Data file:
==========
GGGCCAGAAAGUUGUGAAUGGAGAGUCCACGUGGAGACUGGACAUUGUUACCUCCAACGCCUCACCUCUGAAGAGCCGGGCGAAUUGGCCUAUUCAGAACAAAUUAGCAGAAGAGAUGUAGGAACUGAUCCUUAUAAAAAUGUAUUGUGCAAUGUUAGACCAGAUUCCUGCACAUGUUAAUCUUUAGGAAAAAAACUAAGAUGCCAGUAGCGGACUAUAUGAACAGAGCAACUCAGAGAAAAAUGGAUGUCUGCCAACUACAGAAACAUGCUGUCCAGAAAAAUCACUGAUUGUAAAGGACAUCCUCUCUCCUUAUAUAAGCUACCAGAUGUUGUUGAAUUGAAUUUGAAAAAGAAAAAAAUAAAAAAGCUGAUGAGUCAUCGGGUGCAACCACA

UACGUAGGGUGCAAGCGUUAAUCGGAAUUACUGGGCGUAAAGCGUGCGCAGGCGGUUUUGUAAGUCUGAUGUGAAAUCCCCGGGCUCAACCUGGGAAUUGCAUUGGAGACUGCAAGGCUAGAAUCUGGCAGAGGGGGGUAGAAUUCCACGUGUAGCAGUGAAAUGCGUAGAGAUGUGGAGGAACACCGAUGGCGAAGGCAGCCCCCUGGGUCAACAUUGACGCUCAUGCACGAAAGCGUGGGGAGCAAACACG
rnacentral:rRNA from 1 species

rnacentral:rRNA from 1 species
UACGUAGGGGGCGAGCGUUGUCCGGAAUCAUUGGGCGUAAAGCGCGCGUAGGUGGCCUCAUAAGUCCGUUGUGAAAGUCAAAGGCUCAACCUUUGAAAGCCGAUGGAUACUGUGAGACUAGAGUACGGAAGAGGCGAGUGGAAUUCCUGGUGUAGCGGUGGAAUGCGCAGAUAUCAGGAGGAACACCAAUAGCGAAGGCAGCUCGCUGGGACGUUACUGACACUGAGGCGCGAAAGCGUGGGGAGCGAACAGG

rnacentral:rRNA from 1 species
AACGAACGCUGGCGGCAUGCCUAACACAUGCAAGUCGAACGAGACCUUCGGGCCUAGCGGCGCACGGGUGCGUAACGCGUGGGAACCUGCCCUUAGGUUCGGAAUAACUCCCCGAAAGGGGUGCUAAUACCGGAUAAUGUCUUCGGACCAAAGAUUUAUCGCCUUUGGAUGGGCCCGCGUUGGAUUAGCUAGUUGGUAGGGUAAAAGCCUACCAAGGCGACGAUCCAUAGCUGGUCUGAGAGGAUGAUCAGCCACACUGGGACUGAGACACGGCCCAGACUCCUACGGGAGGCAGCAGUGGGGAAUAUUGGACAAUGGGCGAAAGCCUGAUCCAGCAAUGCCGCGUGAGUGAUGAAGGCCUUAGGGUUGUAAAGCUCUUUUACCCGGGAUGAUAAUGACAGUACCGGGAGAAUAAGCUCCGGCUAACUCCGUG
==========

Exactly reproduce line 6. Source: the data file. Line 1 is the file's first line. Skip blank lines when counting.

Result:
rnacentral:rRNA from 1 species